“Spur, spur, spur! Goddammit, Holly! Run him into the Goddamned fence!”
“He’s trying as hard as he can! He’s scared and confused. Can’t you see?” I scream (in my head).
“Spur him!” Yells my horse trainer, Ray.
“I can’t do this! If I keep pushing him he is going to run us into the fence.”
It’s 1989. The “us” as in “run us into the fence” to which I am referring is my champion stock horse, “Chances One” and I. It is 1989. I am 16 years old and we are at a nationally ranked horse show in Northern California. One of the horse shows I dreamed of competing in when I was a little girl; with three arenas and stadium the size of a professional football stadium. The kind that are a week long and attended by the rich and careless. Except for me and my parents. We don’t belong here.
Well, we do belong here because I am the top rider in the state of California and have been since I was fourteen. I should say that I have actually carried the titles of the #1 rider and #1 horse and rider combination in the state of California since I was fourteen; I have been the best rider forever. Strange statement I know. Full of gloat and out of control ego, right? Not from where I stand. It’s just true. It’s a knowing thing. And not just an intellectual understanding that I have the sensitivity, technical skills to communicate with a horse to encourage him to do what I want him to do. I have always known it, felt it and communicated it to the horses I have known; clearly evidenced by the description above of my spurring into Chance’s sweating and trembling sides.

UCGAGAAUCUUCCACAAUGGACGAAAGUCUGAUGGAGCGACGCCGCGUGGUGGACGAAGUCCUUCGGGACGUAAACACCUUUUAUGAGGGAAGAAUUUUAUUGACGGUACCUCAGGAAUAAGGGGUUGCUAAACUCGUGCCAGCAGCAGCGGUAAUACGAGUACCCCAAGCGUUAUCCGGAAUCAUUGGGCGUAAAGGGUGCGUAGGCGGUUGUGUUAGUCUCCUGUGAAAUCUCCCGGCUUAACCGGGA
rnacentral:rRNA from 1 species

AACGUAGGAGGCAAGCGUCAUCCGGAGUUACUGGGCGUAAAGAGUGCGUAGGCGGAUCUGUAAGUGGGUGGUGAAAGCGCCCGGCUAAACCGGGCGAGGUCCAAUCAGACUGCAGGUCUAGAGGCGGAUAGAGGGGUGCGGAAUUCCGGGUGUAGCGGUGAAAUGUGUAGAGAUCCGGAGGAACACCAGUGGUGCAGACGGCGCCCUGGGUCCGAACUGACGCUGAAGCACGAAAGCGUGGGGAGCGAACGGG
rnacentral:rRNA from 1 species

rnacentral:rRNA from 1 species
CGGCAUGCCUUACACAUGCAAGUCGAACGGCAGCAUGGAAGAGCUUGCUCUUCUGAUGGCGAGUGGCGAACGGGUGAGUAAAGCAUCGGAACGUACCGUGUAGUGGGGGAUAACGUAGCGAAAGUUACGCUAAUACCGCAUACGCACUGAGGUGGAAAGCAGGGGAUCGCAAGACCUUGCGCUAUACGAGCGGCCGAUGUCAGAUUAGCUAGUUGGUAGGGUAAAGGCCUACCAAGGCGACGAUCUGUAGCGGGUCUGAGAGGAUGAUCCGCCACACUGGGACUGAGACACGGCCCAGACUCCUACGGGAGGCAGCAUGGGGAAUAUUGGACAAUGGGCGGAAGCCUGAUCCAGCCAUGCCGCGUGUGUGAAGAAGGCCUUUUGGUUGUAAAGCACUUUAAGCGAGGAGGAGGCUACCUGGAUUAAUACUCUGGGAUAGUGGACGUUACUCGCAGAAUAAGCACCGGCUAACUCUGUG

Sarcasm is my friend. It steps in when traumatic memories come up in detail. It protects me from the helpless hole of grief and regret and helps me to get it out of my memory and into my computer’s.
Slam! Chance’s nose hits the fence; I feel his head and neck absorb the energy as the weight of his powerful body folds underneath me. I feel the saddle lift up behind me as his hindquarters slide under him and his back curves up. I hear the breath being forced from his lungs—or is it mine? My legs fly forward with my feet in perfect position in my beautiful, solid sliver-plated stirrups. Even my saddle seems to cry out as the leather squeaks from being torqued in ways it’s never been before. I can feel my heart breaking and I can feel Chance breaking. We are now broken. The we, the us, the him the me.
The sound is unimaginable. A sound that literally brings the entire stadium to a standstill. Horse people know this shit. If you here a sound like that, someone is hurt. Horses are powerful, fragile animals and people are fucked-up enough to exploit it. When a horse panics or loses control or has finally has enough and fights back out of self-protection, it sounds like this.
Chance is frozen underneath me. Trembling but I can feel his feet rooted to the ground. We are about four feet from the gate because we have literally bounced off it.
I am numb.
“Am I shaking or is that him shaking both of us?”